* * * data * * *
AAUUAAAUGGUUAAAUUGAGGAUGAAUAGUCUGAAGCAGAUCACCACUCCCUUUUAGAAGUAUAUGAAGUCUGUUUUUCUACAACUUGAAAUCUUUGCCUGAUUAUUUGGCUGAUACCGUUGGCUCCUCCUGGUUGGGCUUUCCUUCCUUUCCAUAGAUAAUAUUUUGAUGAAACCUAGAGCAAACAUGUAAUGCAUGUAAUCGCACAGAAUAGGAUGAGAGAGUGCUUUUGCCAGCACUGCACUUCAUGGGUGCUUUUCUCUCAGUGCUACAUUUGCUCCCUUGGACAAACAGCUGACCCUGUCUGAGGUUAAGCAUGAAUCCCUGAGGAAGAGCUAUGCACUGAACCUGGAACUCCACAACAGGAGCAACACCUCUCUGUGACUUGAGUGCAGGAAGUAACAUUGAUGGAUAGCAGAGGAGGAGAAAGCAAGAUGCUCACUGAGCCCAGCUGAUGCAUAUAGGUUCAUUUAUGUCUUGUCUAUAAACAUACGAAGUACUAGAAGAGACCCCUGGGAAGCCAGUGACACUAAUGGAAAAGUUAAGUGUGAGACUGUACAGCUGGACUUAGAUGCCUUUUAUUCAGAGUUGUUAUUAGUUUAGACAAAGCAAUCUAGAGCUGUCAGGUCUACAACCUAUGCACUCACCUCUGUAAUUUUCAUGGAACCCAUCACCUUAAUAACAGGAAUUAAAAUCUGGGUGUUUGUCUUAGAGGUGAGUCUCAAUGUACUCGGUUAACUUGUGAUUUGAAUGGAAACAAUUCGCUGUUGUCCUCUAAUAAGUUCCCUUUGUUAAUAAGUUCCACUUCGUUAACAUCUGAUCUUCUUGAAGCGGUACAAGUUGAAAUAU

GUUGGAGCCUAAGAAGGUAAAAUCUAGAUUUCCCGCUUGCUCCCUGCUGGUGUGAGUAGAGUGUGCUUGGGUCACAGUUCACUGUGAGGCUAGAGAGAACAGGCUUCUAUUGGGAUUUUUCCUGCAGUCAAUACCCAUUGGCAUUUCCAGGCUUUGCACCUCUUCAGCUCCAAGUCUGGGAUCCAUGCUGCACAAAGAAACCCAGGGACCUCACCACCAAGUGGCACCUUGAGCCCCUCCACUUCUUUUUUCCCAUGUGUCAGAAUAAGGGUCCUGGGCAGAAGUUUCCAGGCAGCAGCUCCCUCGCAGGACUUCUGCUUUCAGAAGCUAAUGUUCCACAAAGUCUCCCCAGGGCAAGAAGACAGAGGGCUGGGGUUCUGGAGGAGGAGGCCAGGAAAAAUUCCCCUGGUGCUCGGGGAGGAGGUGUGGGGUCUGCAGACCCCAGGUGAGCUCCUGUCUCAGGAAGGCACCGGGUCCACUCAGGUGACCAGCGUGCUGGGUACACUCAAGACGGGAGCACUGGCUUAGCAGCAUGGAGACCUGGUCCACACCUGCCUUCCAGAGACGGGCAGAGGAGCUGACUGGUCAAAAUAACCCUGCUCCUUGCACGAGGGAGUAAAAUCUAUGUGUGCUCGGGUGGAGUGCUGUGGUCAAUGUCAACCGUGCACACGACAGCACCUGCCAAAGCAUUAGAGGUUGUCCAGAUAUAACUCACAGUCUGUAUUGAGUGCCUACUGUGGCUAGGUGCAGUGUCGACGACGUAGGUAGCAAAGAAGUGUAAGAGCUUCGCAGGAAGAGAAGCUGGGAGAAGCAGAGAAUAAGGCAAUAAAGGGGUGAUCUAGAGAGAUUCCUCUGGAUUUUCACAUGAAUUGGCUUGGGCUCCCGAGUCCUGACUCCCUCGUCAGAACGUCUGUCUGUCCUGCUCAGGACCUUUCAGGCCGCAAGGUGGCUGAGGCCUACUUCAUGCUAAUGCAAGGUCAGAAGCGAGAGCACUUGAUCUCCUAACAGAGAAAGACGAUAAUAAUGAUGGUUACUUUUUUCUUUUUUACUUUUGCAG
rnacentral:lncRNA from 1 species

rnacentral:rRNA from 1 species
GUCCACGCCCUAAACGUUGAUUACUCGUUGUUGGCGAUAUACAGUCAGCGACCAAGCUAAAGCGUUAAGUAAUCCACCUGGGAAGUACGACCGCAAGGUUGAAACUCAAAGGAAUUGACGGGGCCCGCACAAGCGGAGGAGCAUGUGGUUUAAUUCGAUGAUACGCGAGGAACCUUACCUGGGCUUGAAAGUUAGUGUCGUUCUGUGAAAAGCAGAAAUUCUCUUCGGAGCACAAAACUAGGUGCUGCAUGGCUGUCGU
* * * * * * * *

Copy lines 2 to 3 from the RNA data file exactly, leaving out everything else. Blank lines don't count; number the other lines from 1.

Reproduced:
GUUGGAGCCUAAGAAGGUAAAAUCUAGAUUUCCCGCUUGCUCCCUGCUGGUGUGAGUAGAGUGUGCUUGGGUCACAGUUCACUGUGAGGCUAGAGAGAACAGGCUUCUAUUGGGAUUUUUCCUGCAGUCAAUACCCAUUGGCAUUUCCAGGCUUUGCACCUCUUCAGCUCCAAGUCUGGGAUCCAUGCUGCACAAAGAAACCCAGGGACCUCACCACCAAGUGGCACCUUGAGCCCCUCCACUUCUUUUUUCCCAUGUGUCAGAAUAAGGGUCCUGGGCAGAAGUUUCCAGGCAGCAGCUCCCUCGCAGGACUUCUGCUUUCAGAAGCUAAUGUUCCACAAAGUCUCCCCAGGGCAAGAAGACAGAGGGCUGGGGUUCUGGAGGAGGAGGCCAGGAAAAAUUCCCCUGGUGCUCGGGGAGGAGGUGUGGGGUCUGCAGACCCCAGGUGAGCUCCUGUCUCAGGAAGGCACCGGGUCCACUCAGGUGACCAGCGUGCUGGGUACACUCAAGACGGGAGCACUGGCUUAGCAGCAUGGAGACCUGGUCCACACCUGCCUUCCAGAGACGGGCAGAGGAGCUGACUGGUCAAAAUAACCCUGCUCCUUGCACGAGGGAGUAAAAUCUAUGUGUGCUCGGGUGGAGUGCUGUGGUCAAUGUCAACCGUGCACACGACAGCACCUGCCAAAGCAUUAGAGGUUGUCCAGAUAUAACUCACAGUCUGUAUUGAGUGCCUACUGUGGCUAGGUGCAGUGUCGACGACGUAGGUAGCAAAGAAGUGUAAGAGCUUCGCAGGAAGAGAAGCUGGGAGAAGCAGAGAAUAAGGCAAUAAAGGGGUGAUCUAGAGAGAUUCCUCUGGAUUUUCACAUGAAUUGGCUUGGGCUCCCGAGUCCUGACUCCCUCGUCAGAACGUCUGUCUGUCCUGCUCAGGACCUUUCAGGCCGCAAGGUGGCUGAGGCCUACUUCAUGCUAAUGCAAGGUCAGAAGCGAGAGCACUUGAUCUCCUAACAGAGAAAGACGAUAAUAAUGAUGGUUACUUUUUUCUUUUUUACUUUUGCAG
rnacentral:lncRNA from 1 species